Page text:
In 1831, British Army major Jonathan Forbes discovered Sigiriya during a horseback ride. In ancient times kind Dutugamunu fathered two sons. Moggolana and Kashyapa.. Kashyapa was the son of his mistress. Kashyapas brother, Mogollana was the rightful heir to the throne. Greedy for power, Kashyapa schemed with his army commander and overthrew his father, Dutugamunu. As the lore says, Kashyapa entombed his father in a wall while still alive. Fearing for a cruel fate Mogollana fleed to India.
However, Kashyapa was aware of the potential threat and conflicts that may arrive, and with the interest of self-preservation, he began work on the stone fortress.
Sigiriya fortress is truly state of the art. The rock is 200 meters high, and it is believed to be a lava plug left over from a long-extinct volcano. The entrance to the fortress is through a massive lion. Sigiriya was both Palace and a fortress, and Palace had two levels. Surrounding the Palace complex, King Kashyapa constructed lavish gardens consisting of ponds, canals, lakes, dams, bridges, and water pumps which provide water to the site gardens to this day! The upper Palace still has functioning ponds and beautiful gardens on the rock. The advanced irrigation and hydraulic systems dazzle modern engineers. Cisterns cut from the rock still function today!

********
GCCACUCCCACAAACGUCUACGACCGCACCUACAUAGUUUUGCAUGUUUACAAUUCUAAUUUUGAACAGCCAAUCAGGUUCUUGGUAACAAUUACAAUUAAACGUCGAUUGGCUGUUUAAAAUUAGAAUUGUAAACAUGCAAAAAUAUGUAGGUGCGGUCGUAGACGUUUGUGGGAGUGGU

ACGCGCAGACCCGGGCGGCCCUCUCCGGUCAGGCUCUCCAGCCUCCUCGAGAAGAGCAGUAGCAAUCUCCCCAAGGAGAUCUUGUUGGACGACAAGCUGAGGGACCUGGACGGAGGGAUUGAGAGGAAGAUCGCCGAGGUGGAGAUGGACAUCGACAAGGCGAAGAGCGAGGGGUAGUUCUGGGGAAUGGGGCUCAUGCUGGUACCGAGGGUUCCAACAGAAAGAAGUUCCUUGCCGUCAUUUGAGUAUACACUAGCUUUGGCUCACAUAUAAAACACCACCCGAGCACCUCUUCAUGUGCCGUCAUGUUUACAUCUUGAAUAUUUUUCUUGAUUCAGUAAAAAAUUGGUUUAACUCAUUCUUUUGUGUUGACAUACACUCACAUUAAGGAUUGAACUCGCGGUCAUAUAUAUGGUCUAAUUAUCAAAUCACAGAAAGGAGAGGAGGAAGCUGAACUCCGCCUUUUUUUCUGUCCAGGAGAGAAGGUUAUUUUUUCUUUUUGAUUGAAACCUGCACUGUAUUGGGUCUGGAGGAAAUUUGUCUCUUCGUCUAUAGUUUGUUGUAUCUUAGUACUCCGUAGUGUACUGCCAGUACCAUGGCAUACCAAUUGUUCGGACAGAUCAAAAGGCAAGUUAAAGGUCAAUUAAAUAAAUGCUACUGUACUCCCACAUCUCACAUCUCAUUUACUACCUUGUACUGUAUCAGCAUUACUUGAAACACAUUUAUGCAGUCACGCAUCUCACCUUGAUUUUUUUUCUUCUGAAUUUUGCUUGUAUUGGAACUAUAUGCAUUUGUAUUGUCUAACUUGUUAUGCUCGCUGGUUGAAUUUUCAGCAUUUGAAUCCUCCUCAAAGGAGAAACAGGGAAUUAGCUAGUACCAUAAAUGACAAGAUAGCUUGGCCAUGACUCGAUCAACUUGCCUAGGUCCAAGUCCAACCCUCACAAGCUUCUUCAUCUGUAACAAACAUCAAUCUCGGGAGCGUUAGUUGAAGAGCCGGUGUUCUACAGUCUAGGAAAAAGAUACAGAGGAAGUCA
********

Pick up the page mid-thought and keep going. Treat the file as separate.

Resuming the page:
Kashayapa originally installed the mirror wall so the king could see his reflection when walking by. Later, the mirror wall became a graffiti board with verses scribbled by visitors. Some scribbles date back to the 8th Century. Sigiriya is also renowned for its wall paintings (Frescoes)
Sigiriya became a UNESCO world heritage site in 1982. With many impressive archaeological and architectural features, the upper place is the oldest surviving Palace in Sri Lanka, and the gardens are the oldest surviving in Asia. Sigiriya Museum shows photos of the excavation, reproduction of the frescoes, translations, and excavated artefacts.
If you are planning a trip to Sri Lanka, you need to see this place. Kashyapa crowned himself in 477 CE, and his brother defeated him on the Sigiriya grounds, which resulted in Kashayapa killing himself with his sword. His reign ended in 495 CE. Unfortunately, the rock couldn’t save Kashayapa but is succeeded in preserving ancient Sinhalese culture.